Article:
MIAMI — Former President Donald Trump held back from criticizing Florida Gov. Ron DeSantis during a rally in Miami on Sunday, saying that DeSantis should be reelected even as 2024 tensions between the two are spilling over into the public.
His pivot came a day after the former president publicly chided DeSantis during a rally in Pennsylvania, calling him “Ron DeSanctimonious.” It was one of the most direct shots yet Trump took at the governor — a likely 2024 rival if both men run for the Republican nomination for president.
It was Trump’s first attempt at branding the Florida governor with one of his well-known nicknames. He did so as a screen behind him displayed poll numbers that Trump claimed showed he had a significant lead over potential 2024 challengers.
But during a rally in Miami for Sen. Marco Rubio (R-Fla.), who is running for a third term against Rep. Val Demings (D-Fla.), Trump took a much more conciliatory tone.
“You’re going to reelect the wonderful, the great friend of mine Marco Rubio to the United States Senate and you are going to reelect Ron DeSantis as your governor,” Trump said to a packed crowd at the Miami-Dade County fairgrounds.
Trump is widely expected to announce in mid-November that he’s running for president. The move would pit him against DeSantis, who is also expected to run in 2024 and has built a national reputation over the past few years for his handling of Covid-19 in Florida and constant fights with President Joe Biden.
While the two men have mostly held-off publicly criticizing each other, there have been skirmishes in the past few weeks. Beyond tagging DeSantis with a new nickname, Trump used his social media site Truth Social to post a video of former Fox News host Megyn Kelly saying DeSantis can’t “overcome” Trump on a debate stage, and further stoked political intrigue when he did not invite him to the Miami rally.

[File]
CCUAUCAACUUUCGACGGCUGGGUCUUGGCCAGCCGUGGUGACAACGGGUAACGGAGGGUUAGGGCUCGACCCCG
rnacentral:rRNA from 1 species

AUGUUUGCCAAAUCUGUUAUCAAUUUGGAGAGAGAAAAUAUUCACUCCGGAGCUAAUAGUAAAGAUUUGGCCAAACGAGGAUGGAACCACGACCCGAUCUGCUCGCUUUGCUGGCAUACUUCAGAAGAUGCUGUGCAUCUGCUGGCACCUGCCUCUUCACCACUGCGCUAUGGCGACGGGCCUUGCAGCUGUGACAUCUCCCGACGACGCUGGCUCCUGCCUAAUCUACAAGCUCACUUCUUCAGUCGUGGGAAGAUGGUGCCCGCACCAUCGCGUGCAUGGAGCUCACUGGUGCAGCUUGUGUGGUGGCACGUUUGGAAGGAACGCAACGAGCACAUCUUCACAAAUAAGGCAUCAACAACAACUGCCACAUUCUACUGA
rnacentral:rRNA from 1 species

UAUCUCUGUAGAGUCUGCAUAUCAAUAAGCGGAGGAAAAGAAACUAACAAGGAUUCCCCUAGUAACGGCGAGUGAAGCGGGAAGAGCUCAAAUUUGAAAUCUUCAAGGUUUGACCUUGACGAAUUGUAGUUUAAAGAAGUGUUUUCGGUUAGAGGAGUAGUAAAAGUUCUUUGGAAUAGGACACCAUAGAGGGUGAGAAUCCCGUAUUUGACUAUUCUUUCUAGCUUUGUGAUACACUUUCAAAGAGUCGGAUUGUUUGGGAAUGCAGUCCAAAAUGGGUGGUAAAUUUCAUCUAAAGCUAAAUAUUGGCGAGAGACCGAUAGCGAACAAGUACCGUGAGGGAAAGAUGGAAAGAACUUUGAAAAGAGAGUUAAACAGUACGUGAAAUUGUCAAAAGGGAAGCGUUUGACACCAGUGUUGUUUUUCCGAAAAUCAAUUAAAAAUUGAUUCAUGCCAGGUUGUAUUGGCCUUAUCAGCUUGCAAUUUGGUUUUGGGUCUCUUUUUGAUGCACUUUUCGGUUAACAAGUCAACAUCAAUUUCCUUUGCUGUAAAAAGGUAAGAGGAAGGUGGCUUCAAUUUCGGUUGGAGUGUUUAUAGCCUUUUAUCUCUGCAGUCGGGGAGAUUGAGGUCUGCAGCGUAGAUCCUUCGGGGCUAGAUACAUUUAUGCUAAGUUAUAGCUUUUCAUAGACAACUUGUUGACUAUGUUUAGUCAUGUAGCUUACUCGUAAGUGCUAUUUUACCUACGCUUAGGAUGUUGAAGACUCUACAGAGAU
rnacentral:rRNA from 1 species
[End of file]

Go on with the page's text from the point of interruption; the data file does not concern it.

In Miami, though, Trump gave a speech similar to others he had given. He hammered Biden on immigration, spread unsubstantiated claims that the 2020 election was stolen from him and framed Democrats as extreme in a part of Florida with a large population of residents who fled or had family members flee leftist strongmen in Cuba, Venezuela and Nicaragua.
“Hispanics are joining our movement by the millions and millions and millions … many are here,” Trump said. “Many Hispanic Americans have their roots in nations absolutely destroyed by these vile ideologies, and they don’t want to see it happen here.”
He also hinted at his likely White House bid, saying he will « probably have to do it again. … Stay tuned. »
As a long slate of speakers excited the crowd ahead of Trump’s arrival, DeSantis began the first of three separate events as part of his 13-stop tour headed into Election Day. The governor has not publicly lambasted Trump, even as advisers acknowledge they have noticed Trump’s increasing willingness to take jabs at him.
DeSantis stuck to a familiar campaign stump speech in two stops that included denouncing Biden as well as a reminder of his battles over Covid-19 and with Disney over the “Parental Rights in Education” bill, known as the “Don’t Say Gay” bill by its critics.